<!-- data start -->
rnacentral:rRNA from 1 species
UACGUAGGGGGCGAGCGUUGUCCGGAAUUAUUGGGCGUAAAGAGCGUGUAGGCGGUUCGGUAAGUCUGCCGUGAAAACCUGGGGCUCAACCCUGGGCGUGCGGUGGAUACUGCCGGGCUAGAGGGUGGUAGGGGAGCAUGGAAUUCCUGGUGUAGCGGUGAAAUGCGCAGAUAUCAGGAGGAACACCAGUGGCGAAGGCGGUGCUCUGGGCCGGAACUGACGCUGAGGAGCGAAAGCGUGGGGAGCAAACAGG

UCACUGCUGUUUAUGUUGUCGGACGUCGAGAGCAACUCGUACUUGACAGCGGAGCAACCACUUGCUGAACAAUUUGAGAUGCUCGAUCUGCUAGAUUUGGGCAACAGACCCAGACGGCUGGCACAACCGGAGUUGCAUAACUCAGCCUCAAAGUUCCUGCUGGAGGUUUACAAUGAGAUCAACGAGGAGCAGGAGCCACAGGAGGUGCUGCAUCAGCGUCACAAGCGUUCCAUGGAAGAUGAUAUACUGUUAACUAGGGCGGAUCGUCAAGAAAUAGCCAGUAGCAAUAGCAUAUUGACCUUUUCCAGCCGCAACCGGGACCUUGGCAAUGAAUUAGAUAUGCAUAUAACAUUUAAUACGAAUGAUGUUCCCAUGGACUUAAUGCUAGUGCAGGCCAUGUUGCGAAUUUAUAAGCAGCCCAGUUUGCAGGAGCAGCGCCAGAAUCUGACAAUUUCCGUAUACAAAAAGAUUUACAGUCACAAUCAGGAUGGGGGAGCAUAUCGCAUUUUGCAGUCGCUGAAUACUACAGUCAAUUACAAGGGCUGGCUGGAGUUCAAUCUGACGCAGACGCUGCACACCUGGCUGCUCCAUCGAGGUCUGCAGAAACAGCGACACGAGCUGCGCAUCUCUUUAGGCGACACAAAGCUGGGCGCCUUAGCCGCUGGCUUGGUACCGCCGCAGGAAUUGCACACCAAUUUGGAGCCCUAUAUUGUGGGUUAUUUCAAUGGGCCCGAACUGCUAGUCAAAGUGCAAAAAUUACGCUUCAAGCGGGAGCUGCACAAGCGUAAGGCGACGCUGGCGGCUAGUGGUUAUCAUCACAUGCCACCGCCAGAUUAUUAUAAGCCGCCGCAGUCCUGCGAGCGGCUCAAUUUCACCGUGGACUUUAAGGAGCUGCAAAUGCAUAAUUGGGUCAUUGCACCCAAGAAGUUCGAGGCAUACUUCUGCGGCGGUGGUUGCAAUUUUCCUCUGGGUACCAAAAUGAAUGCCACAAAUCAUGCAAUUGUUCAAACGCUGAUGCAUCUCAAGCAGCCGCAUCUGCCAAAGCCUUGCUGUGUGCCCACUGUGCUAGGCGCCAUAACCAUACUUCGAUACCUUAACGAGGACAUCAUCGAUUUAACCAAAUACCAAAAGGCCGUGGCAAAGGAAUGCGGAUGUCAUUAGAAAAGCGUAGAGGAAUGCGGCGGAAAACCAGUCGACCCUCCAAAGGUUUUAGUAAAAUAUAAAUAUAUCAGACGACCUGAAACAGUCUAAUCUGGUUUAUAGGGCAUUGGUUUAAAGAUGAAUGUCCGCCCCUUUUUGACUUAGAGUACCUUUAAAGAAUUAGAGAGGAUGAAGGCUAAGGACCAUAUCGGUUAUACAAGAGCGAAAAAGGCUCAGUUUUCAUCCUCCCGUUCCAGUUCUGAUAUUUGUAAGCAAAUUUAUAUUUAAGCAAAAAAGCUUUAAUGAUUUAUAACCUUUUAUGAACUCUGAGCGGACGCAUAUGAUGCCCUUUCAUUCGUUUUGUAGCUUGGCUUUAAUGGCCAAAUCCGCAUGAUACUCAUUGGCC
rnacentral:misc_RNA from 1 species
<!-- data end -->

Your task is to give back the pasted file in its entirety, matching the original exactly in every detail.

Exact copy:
rnacentral:rRNA from 1 species
UACGUAGGGGGCGAGCGUUGUCCGGAAUUAUUGGGCGUAAAGAGCGUGUAGGCGGUUCGGUAAGUCUGCCGUGAAAACCUGGGGCUCAACCCUGGGCGUGCGGUGGAUACUGCCGGGCUAGAGGGUGGUAGGGGAGCAUGGAAUUCCUGGUGUAGCGGUGAAAUGCGCAGAUAUCAGGAGGAACACCAGUGGCGAAGGCGGUGCUCUGGGCCGGAACUGACGCUGAGGAGCGAAAGCGUGGGGAGCAAACAGG

UCACUGCUGUUUAUGUUGUCGGACGUCGAGAGCAACUCGUACUUGACAGCGGAGCAACCACUUGCUGAACAAUUUGAGAUGCUCGAUCUGCUAGAUUUGGGCAACAGACCCAGACGGCUGGCACAACCGGAGUUGCAUAACUCAGCCUCAAAGUUCCUGCUGGAGGUUUACAAUGAGAUCAACGAGGAGCAGGAGCCACAGGAGGUGCUGCAUCAGCGUCACAAGCGUUCCAUGGAAGAUGAUAUACUGUUAACUAGGGCGGAUCGUCAAGAAAUAGCCAGUAGCAAUAGCAUAUUGACCUUUUCCAGCCGCAACCGGGACCUUGGCAAUGAAUUAGAUAUGCAUAUAACAUUUAAUACGAAUGAUGUUCCCAUGGACUUAAUGCUAGUGCAGGCCAUGUUGCGAAUUUAUAAGCAGCCCAGUUUGCAGGAGCAGCGCCAGAAUCUGACAAUUUCCGUAUACAAAAAGAUUUACAGUCACAAUCAGGAUGGGGGAGCAUAUCGCAUUUUGCAGUCGCUGAAUACUACAGUCAAUUACAAGGGCUGGCUGGAGUUCAAUCUGACGCAGACGCUGCACACCUGGCUGCUCCAUCGAGGUCUGCAGAAACAGCGACACGAGCUGCGCAUCUCUUUAGGCGACACAAAGCUGGGCGCCUUAGCCGCUGGCUUGGUACCGCCGCAGGAAUUGCACACCAAUUUGGAGCCCUAUAUUGUGGGUUAUUUCAAUGGGCCCGAACUGCUAGUCAAAGUGCAAAAAUUACGCUUCAAGCGGGAGCUGCACAAGCGUAAGGCGACGCUGGCGGCUAGUGGUUAUCAUCACAUGCCACCGCCAGAUUAUUAUAAGCCGCCGCAGUCCUGCGAGCGGCUCAAUUUCACCGUGGACUUUAAGGAGCUGCAAAUGCAUAAUUGGGUCAUUGCACCCAAGAAGUUCGAGGCAUACUUCUGCGGCGGUGGUUGCAAUUUUCCUCUGGGUACCAAAAUGAAUGCCACAAAUCAUGCAAUUGUUCAAACGCUGAUGCAUCUCAAGCAGCCGCAUCUGCCAAAGCCUUGCUGUGUGCCCACUGUGCUAGGCGCCAUAACCAUACUUCGAUACCUUAACGAGGACAUCAUCGAUUUAACCAAAUACCAAAAGGCCGUGGCAAAGGAAUGCGGAUGUCAUUAGAAAAGCGUAGAGGAAUGCGGCGGAAAACCAGUCGACCCUCCAAAGGUUUUAGUAAAAUAUAAAUAUAUCAGACGACCUGAAACAGUCUAAUCUGGUUUAUAGGGCAUUGGUUUAAAGAUGAAUGUCCGCCCCUUUUUGACUUAGAGUACCUUUAAAGAAUUAGAGAGGAUGAAGGCUAAGGACCAUAUCGGUUAUACAAGAGCGAAAAAGGCUCAGUUUUCAUCCUCCCGUUCCAGUUCUGAUAUUUGUAAGCAAAUUUAUAUUUAAGCAAAAAAGCUUUAAUGAUUUAUAACCUUUUAUGAACUCUGAGCGGACGCAUAUGAUGCCCUUUCAUUCGUUUUGUAGCUUGGCUUUAAUGGCCAAAUCCGCAUGAUACUCAUUGGCC
rnacentral:misc_RNA from 1 species